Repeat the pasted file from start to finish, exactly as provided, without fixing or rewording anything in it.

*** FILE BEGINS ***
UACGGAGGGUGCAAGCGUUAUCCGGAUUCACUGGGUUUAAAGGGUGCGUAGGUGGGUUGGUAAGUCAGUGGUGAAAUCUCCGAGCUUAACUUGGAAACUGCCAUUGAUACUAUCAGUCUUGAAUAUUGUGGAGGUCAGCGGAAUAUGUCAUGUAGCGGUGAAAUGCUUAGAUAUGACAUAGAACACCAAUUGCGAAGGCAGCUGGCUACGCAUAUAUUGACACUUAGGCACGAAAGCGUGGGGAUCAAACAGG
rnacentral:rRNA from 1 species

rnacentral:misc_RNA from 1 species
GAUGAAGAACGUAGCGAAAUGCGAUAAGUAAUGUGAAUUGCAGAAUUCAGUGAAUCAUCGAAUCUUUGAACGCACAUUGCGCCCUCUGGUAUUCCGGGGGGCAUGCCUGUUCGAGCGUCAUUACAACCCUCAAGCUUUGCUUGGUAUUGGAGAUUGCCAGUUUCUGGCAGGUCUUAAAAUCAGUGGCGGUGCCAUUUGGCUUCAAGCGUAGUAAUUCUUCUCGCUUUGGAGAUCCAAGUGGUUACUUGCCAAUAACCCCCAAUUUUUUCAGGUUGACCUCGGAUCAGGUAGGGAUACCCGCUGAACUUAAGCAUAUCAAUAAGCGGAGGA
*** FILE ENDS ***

UACGGAGGGUGCAAGCGUUAUCCGGAUUCACUGGGUUUAAAGGGUGCGUAGGUGGGUUGGUAAGUCAGUGGUGAAAUCUCCGAGCUUAACUUGGAAACUGCCAUUGAUACUAUCAGUCUUGAAUAUUGUGGAGGUCAGCGGAAUAUGUCAUGUAGCGGUGAAAUGCUUAGAUAUGACAUAGAACACCAAUUGCGAAGGCAGCUGGCUACGCAUAUAUUGACACUUAGGCACGAAAGCGUGGGGAUCAAACAGG
rnacentral:rRNA from 1 species

rnacentral:misc_RNA from 1 species
GAUGAAGAACGUAGCGAAAUGCGAUAAGUAAUGUGAAUUGCAGAAUUCAGUGAAUCAUCGAAUCUUUGAACGCACAUUGCGCCCUCUGGUAUUCCGGGGGGCAUGCCUGUUCGAGCGUCAUUACAACCCUCAAGCUUUGCUUGGUAUUGGAGAUUGCCAGUUUCUGGCAGGUCUUAAAAUCAGUGGCGGUGCCAUUUGGCUUCAAGCGUAGUAAUUCUUCUCGCUUUGGAGAUCCAAGUGGUUACUUGCCAAUAACCCCCAAUUUUUUCAGGUUGACCUCGGAUCAGGUAGGGAUACCCGCUGAACUUAAGCAUAUCAAUAAGCGGAGGA